At a table illuminated only by a candle and our headlamps, we begin the nightly tasks of our study – quietly, so as not to awaken our expedition's botanists, who spent the day collecting plants. Cullen Geiselman identifies each bat and records its forearm measurement and weight. Tatyana Lobova examines the contents of the bat bag, using forceps to inspect each seed and place it in a labeled, glassine envelope. Using only a hand lens, she identifies most seeds to genus level and whispers her findings: "Piper amalago. Ficus." It is not uncommon to find seeds from several species in the same bag, indicating that the bat fed at multiple plants before becoming ensnared in our nets. One silky short-tailed fruit bat (Carollia brevicauda) left seeds from five species at once.

Seeds from plants with no edible fruit also turn up in our bags. These have not been eaten but instead caught a ride with fruit bats by adhering to their fur with barbs and hooks. This is referred to as "epizoochory," in which seeds attach themselves to the outside of the animal and are carried until they fall or are groomed off in another location. During our studies in French Guiana, seeds of one species in the amaranth family turned up multiple times in our bat bags, carried there by individuals of two species of yellow-shouldered bat (Sturnira lilium and S. tildae), the lesser spear-nosed bat (Phyllostomus elongatus) and the great stripe-faced bat (Vampyrodes caraccioli). Finding the seeds of these small shrubs in our bat bags tells us something about the bats' foraging behavior: they must have been flying within a meter of the ground to pick up these hitchhikers.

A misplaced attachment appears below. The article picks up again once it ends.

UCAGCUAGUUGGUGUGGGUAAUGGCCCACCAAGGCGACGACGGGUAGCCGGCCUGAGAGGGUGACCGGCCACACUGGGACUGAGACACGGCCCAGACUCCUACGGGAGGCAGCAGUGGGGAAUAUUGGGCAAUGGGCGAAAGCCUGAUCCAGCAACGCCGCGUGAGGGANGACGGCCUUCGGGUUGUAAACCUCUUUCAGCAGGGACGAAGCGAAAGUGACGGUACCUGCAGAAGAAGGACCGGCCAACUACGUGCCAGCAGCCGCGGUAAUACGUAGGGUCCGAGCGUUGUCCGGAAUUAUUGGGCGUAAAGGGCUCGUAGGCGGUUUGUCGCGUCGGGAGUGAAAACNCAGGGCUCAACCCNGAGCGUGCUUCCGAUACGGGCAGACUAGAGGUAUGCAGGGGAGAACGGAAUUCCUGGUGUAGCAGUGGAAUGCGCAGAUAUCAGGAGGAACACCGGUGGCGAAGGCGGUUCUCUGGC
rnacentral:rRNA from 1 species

Sometimes Lobova will open a bag only to find a mess of seedless pulp. This is all that remains of a large-seeded fruit eaten by the bat prior to capture. Though many bat-dispersed plants are small-seeded, some have large seeds surrounded by fruit pulp or a fleshy appendage called an aril. Bats pluck these fruits (or their seeds in the case of those with arils) and carry them to feeding roosts, where they chew off the edible parts. They drop the remaining seeds at the roost or in flight. This form of seed transport is "stomatochory," meaning seeds are carried in the mouth of the animal and dropped after the fleshy reward has been eaten from around the seed.